Open Inguinal Hernia Surgery Care Instructions

What to Expect

Surgery & Follow-up

Expect to go home after surgery, so plan for a friend/ family member to drive you home.

Diet

Repair of your inguinal hernia does not require any special diet restrictions after surgery.

Some patients may find that their appetite is poor for a week or two after surgery. This is a normal result of the stress of surgery– your appetite should return in time. If you find you are persistently nauseated or unable to take in liquids, contact our office and let us know.

Wound care

It is OK to shower starting around 36 hours after surgery. If you have gauze on the incisions, take it off before showering.

You might see little pieces of tape (called steri-strips) directly attached to your skin. It is OK to get these little tapes wet in the shower. The tapes will begin to peel up on the ends 7-10 days after surgery – at this point they have done their job and it is OK for you to peel them the rest of the way off if you wish. You do not have to have them on when you come for your postoperative visit.

No baths, pools or hot tubs for two weeks.

We try to close your incisions to leave the smallest possible scar. Do not put any ointment or other medication on your incisions – it will not make them “heal better.”

Activity

There are no medical or physical restrictions on activity after surgery. That means it is OK to walk, climb stairs, lift, have sexual intercourse, mow the lawn, or exercise as long as it doesn’t hurt. In fact, returning to normal activity as soon as possible will most likely enhance your recovery. However, if it doesn’t feel good, don’t do it. Take it easy and let pain be your guide

On the practical side, you are likely to be very sore for a week or two. Don’t let the small incisions fool you – this is a fairly painful operation!!! It is painful because you have several titanium “screws” that are keeping your mesh in place – these screws are going through all the muscle layers in your pelvis.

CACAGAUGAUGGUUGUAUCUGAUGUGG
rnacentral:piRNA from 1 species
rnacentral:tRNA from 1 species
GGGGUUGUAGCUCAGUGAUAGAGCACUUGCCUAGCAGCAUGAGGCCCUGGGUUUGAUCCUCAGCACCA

You may also feel easily fatigued and “washed out” for a week or two following the surgery. These factors will put some limitations on your activity, but you will not cause any damage even if some soreness is experienced.

Work

Everyone returns to work at different times. If you want, you may return to work right away; however, as a rough guide, most people take at least 1-2 weeks off prior to returning to work. If you need particular documentation for your job, call the office.

Driving

You will usually be able to drive when you have not needed the narcotic (prescription) pain medications for two days.

Bowel Movements

The first bowel movement may occur anywhere from 1-5 days after surgery – as long as you are not nauseated or having abdominal pain this variation is acceptable. Remember that it is very common to pass a lot more gas from your rectum than you used to- this is because you will not be able to really belch. Some patients also find that they have diarrhea or “loose bowels” for the first days after their hernia repair – in the vast majority of cases, the bowel function normalizes with time. Constipation may also be common due to the pain medication. We recommend taking Milk of Magnesia (2 tablespoons; twice a day) while taking the pain pills to avoid constipation.

Seroma

Some patients find that their hernia “returns” right after surgery. Don’t worry – this is a normal feeling and/or appearance. The hernia repair did not fail – the place where the hernia contents were can sometimes fill up with post-operative fluid – this fluid is a normal result of surgery and will usually be absorbed by the body in several weeks.

Pain (male patients only)

It is expected that your scrotum may be slightly swollen or tender. Along with the use of oral pain medications you can use ice packs to help. This is expected and will go away with time.

When to call

Call your surgeon’s office if any of the following occur:

  • Fever to 100.4 or greater
  • Shaking chills
  • Pain that increases over time
  • Redness, warmth, or pus draining from incision sites
  • Persistent nausea or inability to take in liquids

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Schedule your appointment with a specialist at University Hospitals.
1-866-UH4-CARE

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